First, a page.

Developing a BLE application on Android can be frustrating even under the best of conditions. SweetBlue does as much as it can to make your life easier, but sometimes further troubleshooting steps must be taken to establish a reliable connection...
- First and foremost please see Troubleshooting for Customer Service because most of the steps are applicable to developers as well.
- BleManager.reset() is a method that can help alleviate certain issues. You may want to attach this method to a button in your app in a "Settings" or "Help" screen.
- Make sure you're using the latest release of SweetBlue. New Android phones are always coming out and we're always finding new quirks that SweetBlue can cleanly work around under the hood. For end-users, make sure they're on the latest version of your app.
- When a phone and peripheral connect they negotiate several parameters including Connection Interval, Slave Latency, and Supervision Timeout. Read a bit more about these here: https://devzone.nordicsemi.com/question/60/what-is-connection-parameters/. Based on our experience, most companies configure their firmware with an iOS-first mindset, perhaps referencing https://developer.apple.com/hardwaredrivers/BluetoothDesignGuidelines.pdf for best practices. The end result is that their peripheral works great with iOS but when they start on their Android app they run into problems because Android usually requires more conservative connection parameters. Ideal parameters can also vary greatly from device to device, so in practice you may have to account for the lowest common denominator. Unfortunately the app has no control over these parameters - only the peripheral has any say. So if you have control over the firmware it is highly suggested to test for the best possible connection parameters and err on the side of conservative.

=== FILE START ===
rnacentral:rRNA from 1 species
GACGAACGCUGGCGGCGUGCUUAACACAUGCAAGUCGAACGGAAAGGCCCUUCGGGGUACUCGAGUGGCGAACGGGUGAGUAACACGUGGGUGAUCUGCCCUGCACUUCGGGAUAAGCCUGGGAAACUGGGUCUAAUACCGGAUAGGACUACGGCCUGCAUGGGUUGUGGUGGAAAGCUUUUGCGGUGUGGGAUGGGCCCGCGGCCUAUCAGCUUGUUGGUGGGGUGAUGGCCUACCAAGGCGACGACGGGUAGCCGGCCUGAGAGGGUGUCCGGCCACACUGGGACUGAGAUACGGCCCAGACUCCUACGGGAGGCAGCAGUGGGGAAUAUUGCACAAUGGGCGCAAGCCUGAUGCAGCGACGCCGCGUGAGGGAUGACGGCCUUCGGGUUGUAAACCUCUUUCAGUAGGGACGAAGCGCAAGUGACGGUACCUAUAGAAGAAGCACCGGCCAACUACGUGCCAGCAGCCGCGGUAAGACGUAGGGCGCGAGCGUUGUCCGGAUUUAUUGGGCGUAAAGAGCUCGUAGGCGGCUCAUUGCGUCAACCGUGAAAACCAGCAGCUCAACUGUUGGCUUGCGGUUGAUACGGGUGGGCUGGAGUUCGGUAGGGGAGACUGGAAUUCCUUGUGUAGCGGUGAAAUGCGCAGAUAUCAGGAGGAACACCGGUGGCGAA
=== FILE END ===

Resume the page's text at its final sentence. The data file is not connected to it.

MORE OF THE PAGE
- As a continuation of the last point, often a device will request faster connection parameters before a firmware update or other "over-the-air" transfers of large chunks of data so that the transfer will take place as quickly as possible, then revert back to normal connection parameters when the transfer is done. The faster connection parameters (again usually tailored to iOS) can overload the Android BLE stack after a while and cause all sorts of issues, especially with multiple connections. So keep in mind that normal connection parameters and OTA connection parameters both have to be throttled back. Some good baselines for normal connection are 100-125ms Connection Interval, 3s Supervision Timeout, and 0 Slave Latency, while for OTA you can use 15-22.5ms Connection Interval, 720ms Supervision Timeout, and 0 Slave Latency. You will probably need to tweak them from there.
- Requiring Bonding/Pairing for encrypted characteristics can cause all kinds of problems. In general we don't recommend it at all. A LOT of work was put into SweetBlue to make bonding as seamless as possible, but it will still be a source of connection issues for your users. Like all software involving security and encryption, you have to weigh the security benefits vs. harming the user experience. See https://sweetblue.io/docs/Android-BLE-Issues#bonding-pairing-issues for a little more info.
- Google it. If your issue is very clear and reproducible there is likely a stackoverflow post that may help. At least it lets you know you're not alone.
- If all else fails, please get in touch by e-mailing us at SweetBlue@idevicesinc.com or by posting an issue in our forums.